Coastal transport is one of the major forms of coastal sediment movement. Traditional theory usually posits that the East Asian winter monsoon is the factor driving southward sediment transport from the Yangtze Delta, thus creating a 1000-km-long Zhejiang-Fujian mud wedge. However, the role of storms (especially typhoons) in the process has rarely been reported. A Chinese, Dutch and American cooperation team led by Prof. Yang Shilun from ECNU State Key Laboratory of Estuarine and Coastal Research (SKLEC) has discovered that storms are the main driving force for erosion and sediment transport southward in the Yangtze River’s underwater delta. Its results, titled “Storms dominate the erosion of the Yangtze Delta and southward sediment transport,” were recently published online in Science Bulletin.
Strong waves, high suspended sediment concentration and southward migration of sediment caused by a storm in September 2000
The team’s study indicates that the storm-induced sediment resuspension and southward transport in the subaqueous delta of the Yangtze River occur not only in winter but also in other seasons. The contribution of storm events (with an average frequency of about 5%) to the total southward sediment transport varies from 23% to 92%, with an average of about 62% (1979-2018). Typhoon Malakas alone, that took place in September 2016, caused about 63 million tons of sediment to migrate southward from the Yangtze River Delta, equivalent to a quarter of the annual average multi-year sediment transport rate. Storm events have become the main driving mechanism of net erosion in the Yangtze River delta since the operation of the Three Gorges Reservoir in 2003. According to the study, the key mechanism of the above phenomenon is as follows: 1) the southward component of the coastal component of the storm predominates (annual average of 86%); 2) Storms usually form strong waves that cause large amounts of sediment to be resuspended and cause strong southward coastal residual currents that result in large amounts of sediment being transported southward. On this basis, the team proposed a conceptual model for the southward migration of sediment from the Yangtze River to the sea. This study provides a new perspective for deepening the driving theory about delta erosion and sediment transport.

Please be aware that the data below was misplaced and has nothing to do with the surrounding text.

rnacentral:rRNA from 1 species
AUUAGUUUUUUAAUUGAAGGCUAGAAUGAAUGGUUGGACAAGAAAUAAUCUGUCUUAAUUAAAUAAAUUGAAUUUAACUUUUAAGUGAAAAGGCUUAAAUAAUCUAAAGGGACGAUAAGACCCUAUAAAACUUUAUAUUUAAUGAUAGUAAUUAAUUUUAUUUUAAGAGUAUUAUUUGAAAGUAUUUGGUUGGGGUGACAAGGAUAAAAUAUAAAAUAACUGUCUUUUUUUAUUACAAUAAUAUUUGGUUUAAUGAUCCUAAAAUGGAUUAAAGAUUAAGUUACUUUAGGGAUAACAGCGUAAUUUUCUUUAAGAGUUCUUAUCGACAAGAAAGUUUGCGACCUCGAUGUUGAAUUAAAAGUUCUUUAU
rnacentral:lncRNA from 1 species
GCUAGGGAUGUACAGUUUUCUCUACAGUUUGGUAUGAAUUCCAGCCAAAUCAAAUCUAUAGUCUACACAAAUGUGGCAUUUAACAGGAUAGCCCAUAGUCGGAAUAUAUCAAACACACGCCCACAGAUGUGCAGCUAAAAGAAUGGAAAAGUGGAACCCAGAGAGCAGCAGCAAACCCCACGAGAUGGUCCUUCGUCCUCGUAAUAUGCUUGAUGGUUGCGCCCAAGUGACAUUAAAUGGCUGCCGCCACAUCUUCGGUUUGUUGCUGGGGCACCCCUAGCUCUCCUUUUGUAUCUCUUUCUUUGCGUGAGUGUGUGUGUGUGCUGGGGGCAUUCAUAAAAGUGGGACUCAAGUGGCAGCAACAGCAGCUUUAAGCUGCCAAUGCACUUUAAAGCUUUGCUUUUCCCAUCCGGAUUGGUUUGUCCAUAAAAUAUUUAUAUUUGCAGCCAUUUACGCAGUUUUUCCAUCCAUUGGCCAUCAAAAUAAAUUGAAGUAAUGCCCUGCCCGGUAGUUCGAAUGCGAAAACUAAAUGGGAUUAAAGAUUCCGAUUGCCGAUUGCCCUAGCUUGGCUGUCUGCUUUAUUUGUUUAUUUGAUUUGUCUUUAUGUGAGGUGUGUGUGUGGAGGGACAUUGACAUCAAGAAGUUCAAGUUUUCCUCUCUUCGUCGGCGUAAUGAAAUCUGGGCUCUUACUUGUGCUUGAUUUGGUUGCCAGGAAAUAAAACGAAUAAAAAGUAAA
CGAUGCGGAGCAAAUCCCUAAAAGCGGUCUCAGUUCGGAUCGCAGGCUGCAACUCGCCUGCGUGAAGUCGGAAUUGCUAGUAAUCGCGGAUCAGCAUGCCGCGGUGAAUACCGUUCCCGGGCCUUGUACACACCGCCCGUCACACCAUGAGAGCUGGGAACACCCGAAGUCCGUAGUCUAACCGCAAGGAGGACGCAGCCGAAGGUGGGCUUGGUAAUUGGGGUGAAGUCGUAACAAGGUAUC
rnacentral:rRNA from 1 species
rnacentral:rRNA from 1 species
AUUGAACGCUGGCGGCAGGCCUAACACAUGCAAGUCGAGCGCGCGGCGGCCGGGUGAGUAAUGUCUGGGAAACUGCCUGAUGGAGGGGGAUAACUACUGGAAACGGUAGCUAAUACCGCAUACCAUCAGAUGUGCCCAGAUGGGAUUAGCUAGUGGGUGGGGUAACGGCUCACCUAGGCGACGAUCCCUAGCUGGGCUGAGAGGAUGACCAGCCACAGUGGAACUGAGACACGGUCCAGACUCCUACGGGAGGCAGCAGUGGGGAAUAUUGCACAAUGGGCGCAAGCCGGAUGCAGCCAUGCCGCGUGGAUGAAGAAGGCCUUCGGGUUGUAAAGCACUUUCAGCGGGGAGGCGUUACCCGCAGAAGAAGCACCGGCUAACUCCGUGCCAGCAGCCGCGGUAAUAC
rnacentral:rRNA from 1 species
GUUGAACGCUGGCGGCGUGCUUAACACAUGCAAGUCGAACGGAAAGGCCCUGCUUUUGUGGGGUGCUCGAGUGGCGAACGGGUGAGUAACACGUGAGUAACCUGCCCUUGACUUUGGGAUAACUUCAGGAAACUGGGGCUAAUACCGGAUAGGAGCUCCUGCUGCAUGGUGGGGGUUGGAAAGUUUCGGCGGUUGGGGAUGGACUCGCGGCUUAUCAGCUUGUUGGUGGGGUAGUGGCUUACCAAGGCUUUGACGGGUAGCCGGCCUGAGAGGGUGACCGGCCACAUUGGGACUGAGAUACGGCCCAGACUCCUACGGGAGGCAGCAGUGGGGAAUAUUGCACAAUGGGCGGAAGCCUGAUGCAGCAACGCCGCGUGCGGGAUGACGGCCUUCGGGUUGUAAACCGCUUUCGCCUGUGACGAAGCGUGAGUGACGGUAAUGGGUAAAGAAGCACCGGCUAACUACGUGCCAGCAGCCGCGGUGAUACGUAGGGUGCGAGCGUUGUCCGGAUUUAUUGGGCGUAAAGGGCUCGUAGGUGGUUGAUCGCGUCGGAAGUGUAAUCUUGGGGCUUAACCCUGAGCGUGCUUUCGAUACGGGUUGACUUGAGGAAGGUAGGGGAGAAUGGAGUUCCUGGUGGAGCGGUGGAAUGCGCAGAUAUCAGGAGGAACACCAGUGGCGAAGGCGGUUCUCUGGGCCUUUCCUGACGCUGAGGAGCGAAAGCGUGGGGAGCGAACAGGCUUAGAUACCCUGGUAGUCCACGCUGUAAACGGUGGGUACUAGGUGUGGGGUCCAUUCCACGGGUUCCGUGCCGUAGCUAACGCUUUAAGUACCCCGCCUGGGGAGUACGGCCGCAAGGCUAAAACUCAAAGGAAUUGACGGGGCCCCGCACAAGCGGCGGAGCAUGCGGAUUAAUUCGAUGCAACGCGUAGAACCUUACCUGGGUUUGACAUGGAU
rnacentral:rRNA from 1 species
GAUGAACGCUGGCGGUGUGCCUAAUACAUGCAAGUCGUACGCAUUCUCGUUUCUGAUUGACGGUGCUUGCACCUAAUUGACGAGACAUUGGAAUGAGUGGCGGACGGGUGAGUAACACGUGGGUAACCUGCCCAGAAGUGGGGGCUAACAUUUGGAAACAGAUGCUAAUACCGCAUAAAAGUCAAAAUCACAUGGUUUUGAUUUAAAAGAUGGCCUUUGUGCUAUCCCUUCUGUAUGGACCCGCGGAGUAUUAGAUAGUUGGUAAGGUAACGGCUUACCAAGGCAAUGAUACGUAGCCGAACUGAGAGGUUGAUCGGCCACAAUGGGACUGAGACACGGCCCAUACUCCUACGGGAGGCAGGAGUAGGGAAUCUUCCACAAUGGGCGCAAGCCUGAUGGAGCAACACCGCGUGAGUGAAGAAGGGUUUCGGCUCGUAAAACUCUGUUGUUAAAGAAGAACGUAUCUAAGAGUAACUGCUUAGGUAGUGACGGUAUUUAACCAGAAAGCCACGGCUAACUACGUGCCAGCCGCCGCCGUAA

Comparison of coastal residual current and sediment transport before and after Typhoon Malakas in September 2016
Comparison of sediment volumes from the Yangtze River Delta southward caused by storms and normal winds in different years
Simplified conceptual model of sediment transport from the Yangtze River to the sea under storms and fair weather
Prof. Yang Shilun from SKLEC is the first author and the corresponding author of this paper with the coauthors including Prof. Tjeerd J. Bouma from the Department of Estuarine and Delta Systems, Royal Netherlands Institute for Sea Research Utrecht University, Prof. Kehui Xu from Louisiana State University, U.S., Dr. Luo Xiangxin from Sun Yat-sen University, Senior Engineer Li Peng from the State Oceanic Administration of China, as well as Prof. Dai Zhijun, Prof. Guo Leicheng, Prof. Shi Benwei, Senior Engineer Zhang Wenxiang, Postdoctor Yang Haifei, Dr. Huang Yuanguang, Dr. Tian Min from ECNU. This study has been supported by the National Key Research and Development Program of China and the National Natural Science Foundation of China.
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Editor: Yvaine Lyu